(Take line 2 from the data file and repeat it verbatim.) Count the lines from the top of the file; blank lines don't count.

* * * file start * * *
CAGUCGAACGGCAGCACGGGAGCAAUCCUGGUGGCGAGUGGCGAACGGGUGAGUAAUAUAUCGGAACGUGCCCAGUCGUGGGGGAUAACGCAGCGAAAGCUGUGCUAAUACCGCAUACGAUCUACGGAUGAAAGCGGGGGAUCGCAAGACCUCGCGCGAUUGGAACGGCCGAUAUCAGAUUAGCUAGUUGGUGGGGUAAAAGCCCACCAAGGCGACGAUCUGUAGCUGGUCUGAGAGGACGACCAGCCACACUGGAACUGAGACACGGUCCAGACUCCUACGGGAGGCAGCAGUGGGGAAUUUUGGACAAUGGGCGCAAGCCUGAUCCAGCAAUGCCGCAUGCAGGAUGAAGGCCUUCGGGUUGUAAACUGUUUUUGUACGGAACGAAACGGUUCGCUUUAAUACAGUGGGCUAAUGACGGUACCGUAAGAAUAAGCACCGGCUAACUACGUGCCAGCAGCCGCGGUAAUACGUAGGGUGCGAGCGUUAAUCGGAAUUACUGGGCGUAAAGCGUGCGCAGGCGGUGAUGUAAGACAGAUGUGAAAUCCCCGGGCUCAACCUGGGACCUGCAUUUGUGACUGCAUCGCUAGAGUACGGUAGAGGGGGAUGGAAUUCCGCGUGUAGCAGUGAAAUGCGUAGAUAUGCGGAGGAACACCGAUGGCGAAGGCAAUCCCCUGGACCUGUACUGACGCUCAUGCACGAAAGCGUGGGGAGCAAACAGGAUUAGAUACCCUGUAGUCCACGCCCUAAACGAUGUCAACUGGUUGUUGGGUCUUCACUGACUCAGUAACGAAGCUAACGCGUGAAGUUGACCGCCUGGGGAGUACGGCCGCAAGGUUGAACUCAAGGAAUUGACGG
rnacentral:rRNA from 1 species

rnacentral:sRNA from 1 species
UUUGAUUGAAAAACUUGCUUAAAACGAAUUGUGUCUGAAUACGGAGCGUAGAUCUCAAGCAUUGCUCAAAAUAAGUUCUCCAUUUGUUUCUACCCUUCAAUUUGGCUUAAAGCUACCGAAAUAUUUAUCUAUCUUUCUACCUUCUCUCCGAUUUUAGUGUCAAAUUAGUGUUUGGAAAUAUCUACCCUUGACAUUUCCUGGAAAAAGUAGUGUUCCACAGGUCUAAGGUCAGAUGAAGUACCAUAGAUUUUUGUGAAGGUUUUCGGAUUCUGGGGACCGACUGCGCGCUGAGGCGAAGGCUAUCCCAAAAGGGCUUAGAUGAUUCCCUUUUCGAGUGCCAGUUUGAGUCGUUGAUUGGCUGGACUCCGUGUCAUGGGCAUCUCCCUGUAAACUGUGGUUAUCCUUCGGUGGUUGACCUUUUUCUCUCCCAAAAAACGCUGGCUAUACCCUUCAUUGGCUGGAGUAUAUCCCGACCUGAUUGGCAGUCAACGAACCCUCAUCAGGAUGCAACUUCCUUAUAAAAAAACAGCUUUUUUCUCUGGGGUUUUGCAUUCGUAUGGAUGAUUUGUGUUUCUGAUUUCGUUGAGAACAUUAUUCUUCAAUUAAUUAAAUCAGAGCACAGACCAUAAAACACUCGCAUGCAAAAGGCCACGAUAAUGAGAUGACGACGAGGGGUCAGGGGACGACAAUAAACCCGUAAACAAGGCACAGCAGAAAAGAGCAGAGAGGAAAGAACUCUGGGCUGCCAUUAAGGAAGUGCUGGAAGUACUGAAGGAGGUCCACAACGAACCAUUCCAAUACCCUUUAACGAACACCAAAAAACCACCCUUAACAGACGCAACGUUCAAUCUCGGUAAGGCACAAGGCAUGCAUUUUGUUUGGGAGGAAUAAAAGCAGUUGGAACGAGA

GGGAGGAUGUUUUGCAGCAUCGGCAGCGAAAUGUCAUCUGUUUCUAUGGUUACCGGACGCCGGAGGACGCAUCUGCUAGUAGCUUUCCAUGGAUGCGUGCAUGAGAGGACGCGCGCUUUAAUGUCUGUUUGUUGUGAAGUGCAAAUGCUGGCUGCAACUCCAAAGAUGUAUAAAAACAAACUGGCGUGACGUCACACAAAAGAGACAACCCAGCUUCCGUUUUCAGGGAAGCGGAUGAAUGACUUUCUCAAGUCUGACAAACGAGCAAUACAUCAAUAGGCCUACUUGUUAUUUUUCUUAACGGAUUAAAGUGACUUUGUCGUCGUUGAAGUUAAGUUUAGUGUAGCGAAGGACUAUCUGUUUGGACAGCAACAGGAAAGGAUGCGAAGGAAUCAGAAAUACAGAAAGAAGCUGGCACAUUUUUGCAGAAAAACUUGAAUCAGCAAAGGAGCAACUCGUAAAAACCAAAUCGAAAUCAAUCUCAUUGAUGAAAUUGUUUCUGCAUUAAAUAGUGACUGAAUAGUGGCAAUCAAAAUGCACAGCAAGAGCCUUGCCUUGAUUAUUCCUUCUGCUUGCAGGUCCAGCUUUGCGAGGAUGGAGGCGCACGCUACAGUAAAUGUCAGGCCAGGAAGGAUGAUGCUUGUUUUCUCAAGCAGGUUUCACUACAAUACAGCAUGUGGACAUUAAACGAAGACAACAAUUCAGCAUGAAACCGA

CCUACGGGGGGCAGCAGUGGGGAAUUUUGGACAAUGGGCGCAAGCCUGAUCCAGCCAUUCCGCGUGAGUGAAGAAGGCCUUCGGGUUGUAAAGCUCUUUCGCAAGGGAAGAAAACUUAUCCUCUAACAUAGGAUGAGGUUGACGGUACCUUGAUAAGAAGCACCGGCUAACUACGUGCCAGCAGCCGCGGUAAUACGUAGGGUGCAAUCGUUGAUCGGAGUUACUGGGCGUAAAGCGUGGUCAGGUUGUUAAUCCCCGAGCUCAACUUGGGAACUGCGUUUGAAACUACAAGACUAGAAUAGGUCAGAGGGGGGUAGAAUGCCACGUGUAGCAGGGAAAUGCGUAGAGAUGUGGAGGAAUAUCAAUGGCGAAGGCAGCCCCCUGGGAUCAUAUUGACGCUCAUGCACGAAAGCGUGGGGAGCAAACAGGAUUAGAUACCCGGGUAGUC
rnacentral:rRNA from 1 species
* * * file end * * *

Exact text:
rnacentral:rRNA from 1 species